A tumor is an alteration of the tissues that produces an increase in volume. It is an abnormal enlargement of a part of the body that appears, therefore, swollen or distended.
When cells suffer abnormal growth and have no physiological function, they tend to invade other parts of the body. There are benign tumors and malignant tumors. Benign tumors are those that are surrounded by a fibrous capsule, do not spread to other parts of the body and do not have serious consequences for the organism.
Malignant tumors are a cell proliferation that invades healthy tissues of the body, spread to other parts of the body and can cause death.
Benefits of the Hyperbaric Chamber:
– Increases oxygen in tumor masses and prevents their growth.
– Decreases the tendency of cancer cells to spread.
– Helps to normalize enzyme levels.
– Stimulates the immune response.
– Reverses vascular damage.
– Demarcates necrotic areas (dead tissue), separating them from the recoverable tissues.
– Stimulates bone metabolism.
– It increases the radio-sensitivity of malignant tumors, improving the response to treatment.
Physiological effects of HBOT in tumors:
HBOT manages to increase the amount of O2 available to diffuse and penetrate all cells and tissues, including those with irrigation problems.
It generates a state of hyperoxia from which multiple biochemical mechanisms are triggered: vasoconstriction; angiogenesis, osteogenesis, increased cellular immune response, reduction of inflammation and acute response, cell proliferation and collagen synthesis, stimulation of progenitor cells, modulation of oxidative stress and neuroprotection (1-3).
Antioxidant effect: which manages to neutralize O2 free radicals and increases oxidative stress in tumor cells (16), slowing development and growth and preventing their uncontrolled replication and metabolism, making them more sensitive to radiotherapy.
Anti-inflammatory effect: that makes it analgesic since by solving hypoxia, hyperbaric oxygenation improves the oxygenation and perfusion holders, inhibiting the synthesis of pro-inflammatory molecules and promoting the functional remodeling of peripheral axons (24).
Effect of angiogenesis: the stimulation of VEGF (vascular endothelial growth factor) does not occur in neoplastic vessels, but in surrounding tissue, that is, in healthy tissues.
Effect of cellular proliferation: specifically in tumor cells whose function and production of antioxidant enzymes is totally affected induces oxidative stress, lipid and mitochondrial peroxidation, which leads to tumor tissue damage and the decrease of tissue proliferation and even cell death (4).
Studies on HBOT in tumors (cancer patients):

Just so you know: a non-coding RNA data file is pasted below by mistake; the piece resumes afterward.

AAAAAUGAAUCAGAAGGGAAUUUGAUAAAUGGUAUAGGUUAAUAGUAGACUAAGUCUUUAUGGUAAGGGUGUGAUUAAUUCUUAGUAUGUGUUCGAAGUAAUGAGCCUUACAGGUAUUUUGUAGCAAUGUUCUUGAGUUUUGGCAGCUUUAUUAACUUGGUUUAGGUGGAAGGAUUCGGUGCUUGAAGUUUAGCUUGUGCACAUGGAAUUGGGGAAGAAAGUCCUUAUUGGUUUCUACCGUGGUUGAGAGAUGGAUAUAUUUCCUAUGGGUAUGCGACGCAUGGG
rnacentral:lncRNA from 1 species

There are a large number of studies available that highlight the effects of HBOT in the treatment of tumors, most of them related to head and neck cancer (20). This type of cancer is characterized by being highly hypoxic and treated regularly and efficiently with radiotherapy (17). In almost all of the published works it is highlighted that the effect of HBOT as adjuvant therapy enhances radiotherapy.
It is also widely documented the use of HBOT for necrosis of bone tissues (mainly jaw and teeth), soft subcutaneous tissues, larynx, intestine, abdomen, bladder, rectum, thorax and limb wounds (33,37), caused by radiotherapy. This effect can manifest itself in months or years after radiotherapy (33). Radiation of healthy tissues produces tissue deterioration that can produce endarteritis and decrease in the density of small vessels, replacing normal tissue with fibrous tissue (34), resulting in ulceration and tissue necrosis (34). In this context, HBOT is used as a promoter of scarring, so angiogenesis in these tissues affected by necrosis is a sought effect (34).
Bibliographic references of HBOT in tumors (for the oncological patient):
- Kohshi, K., et al., Effects of radiotherapy after hyperbaric oxygenation on malignant gliomas. British journal of cancer, 1999. 80 (1-2): p. 236
Effect on radionecrosis Thanks to its angiogenesis-promoting, anti-inflammatory and pro-healing effect, HBOT is used in the treatment of bone and soft tissue necrosis induced by RT (radionecrosis, RN). 33. Bennett, M.H., et al., Hyperbaric oxygen therapy for late radiation tissue injury. The Cochrane Library, 2005.
- Hampson, N.B., et al., Prospective assessment of outcomes in 411 patients treated with hyperbaric oxygen for chronic radiation tissue injury. Cancer, 2012. 118 (15): p. 3860-3868
- Feldmeier, J., et al., Hyperbaric oxygen in the treatment of delayed radiation injuries of the extremities. Undersea & hyperbaric medicine, 2000. 27 (1): p. fifteen.